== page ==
The problem? Brands are often focusing on misleading vanity metrics in an attempt to justify those investments. For example, many marketers track follower counts as a primary indicator for determining brand and influencer partnerships. Growing evidence shows that follower counts do not equate to true impressions or reach data, giving brands a false sense of how their campaigns are performing.

As AI Adoption Accelerates, Brands Search for Competitive Edge

In Gartner’s 2019 CIO Survey, which included more than 3,000 CIOs from 89 countries, AI technology was ranked as the technology most likely to be disruptive. Despite their enthusiasm for AI, CIOs showed a lack of certainty over the best way to implement the technology and get their newest marketing strategies off the ground.

That uncertainty has the potential to negatively impact brands’ bottom lines, and it’s an issue that industry insiders like Cerebri AI co-founder Jean Belanger are working to combat.

Zenreach Attract Connects Online Ads to In-Store Results

Online metrics, like click-through rates and return-on-ad-spend, can quickly show ecommerce retailers how well their digital advertising campaigns are working. But what happens in the real world? The KPIs used in ecommerce mean almost nothing to brick-and-mortar merchants. In fact, digital approximations can actually cause merchants with physical locations to overspend on certain audience segments, while undervaluing others.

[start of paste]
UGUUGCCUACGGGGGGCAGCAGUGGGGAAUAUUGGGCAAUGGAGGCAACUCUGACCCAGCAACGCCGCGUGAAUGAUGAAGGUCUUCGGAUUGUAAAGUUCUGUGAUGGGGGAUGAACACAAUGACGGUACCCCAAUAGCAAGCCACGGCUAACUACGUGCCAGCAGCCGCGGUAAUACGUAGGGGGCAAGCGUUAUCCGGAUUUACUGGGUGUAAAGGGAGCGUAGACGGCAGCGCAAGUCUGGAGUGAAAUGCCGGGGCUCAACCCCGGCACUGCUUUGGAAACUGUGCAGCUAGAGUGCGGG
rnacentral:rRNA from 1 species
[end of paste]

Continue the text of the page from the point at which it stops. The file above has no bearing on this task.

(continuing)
That’s something Zenreach is trying to change.

6 Influencer Marketing Platforms for Brands

As some of the most visual social channels, Instagram, Snapchat, and Pinterest have become important tools for brand marketers. These are also the channels most likely to be used by so-called “influencers,” the social media stars who frequently partner with brands to promote products to their online followers. Influencer marketing has become a big business, with 31% of retailers now working with brand advocates to become influencers and 28% using paid celebrity influencers to spread the word about their products and services.